Women, and Men, and the ‘Occupational Minority’
I have just read an enlightening article on Stuff. The premise is vague enough that interpretation can be used as a means of argument, to the extent of which the article itself does not actually determine anything.
Here is the link. I would appreciate if you read it before this medium piece, for the sake of neutrality. http://www.stuff.co.nz/business/92265524/women-minorities-offered-big-jobs-when-businesses-in-crisis
The premise is simple: Women and minorities are more likely to be hired in times of trouble over their European male counterparts. Without making any definitive claims as to why, the graduate whose ‘research’ is behind the article has postulated this is the result of racism and sexism.
So, already we are faced with the possibility that women and minorities are hired for specific reasons outside of their ability to do the job. The subtle implication behind this is that European men are the natural employees, with an emphasis on top positions such as management and CEO. This is an enactment of Affirmative Action, yet in reverse.
Considering women and minorities to be expendable, Kam Sharma (the graduate) has put forth the idea that companies are more likely to hire W&M when the company in question is suffering a bad financial year. This is the end to his argument on ‘why’ they are hired.
From this we must assume one of two things;
European men are more expensive to hire, OR; (nope)
Women and minorities are beneficial to hire during periods of ‘weak performance’.
Based on salaries and wages, neither groups of people can be determined by value of their pay; the Equal Pay Act of 1972 eliminates this possibility.
This means the ‘occupational minorities’ (as Sharma eloquently puts it) benefit the company via their own assets. As in, skills and experience.
Unless, of course, the occupational minorities are beneficial for reasons outside of their own influence. One could easily postulate that increased minority employees raises the company profile, and thereby increases government grants they are eligible for.
In fact, if these occupational minorities are discarded and ‘blamed’ for fiscal misfortune, then it is logical to conclude they served a brief use. “Wham, bam, thank you, ma’am.” Obviously they aren’t cheaper. In fact, increased hiring works against the company in the pay department.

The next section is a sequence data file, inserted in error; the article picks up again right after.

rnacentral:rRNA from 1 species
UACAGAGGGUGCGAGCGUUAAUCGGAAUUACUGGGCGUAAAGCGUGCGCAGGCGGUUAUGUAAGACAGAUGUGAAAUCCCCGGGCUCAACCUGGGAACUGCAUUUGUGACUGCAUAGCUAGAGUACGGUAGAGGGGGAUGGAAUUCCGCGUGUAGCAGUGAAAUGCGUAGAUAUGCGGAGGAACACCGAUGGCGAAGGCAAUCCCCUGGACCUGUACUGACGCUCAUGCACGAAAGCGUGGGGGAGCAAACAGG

This is where we’re hit with a ‘woke moment’, if you will.
“Traditional leaders may not want to take the position because they think it will be a lot of hard work.”
Traditional leaders being the EuroMale.
Following on from this, the notion that managerial and CEO occupations are not hard work is preposterous, but it also hints at an underlying motivation to the research.
By enforcing the possibility that the European male has his job by way of a racial structure, or rather ‘white society and patriarchy’, the reader who has no in depth knowledge on the dissonance of identity politics becomes more likely to believe Sharma’s research proves an oppressive work culture.
Luckily, Sharma has listed the motivation behind this for us.
Companies in trouble might turn to women because they were seen as having better interpersonal skills and emotional sensitivity, he said. They could be seen as more valuable when companies were making difficult decisions around personnel.
Men from ethnic minorities were seen as warm and relatable, he said, which was a better quality to lead through periods of crisis.
Sharma clearly states women could be seen as more valuable when it comes to determining the rosters.
If this is true, then women are not hired during periods of low turn-over due to their expendable nature, nor for their cheaper labour.
It concludes, however vaguely, that women are valuable employees by their individual merit. It also produces the idea that men of ethnic minorities are given positions based on their perception, just as women are.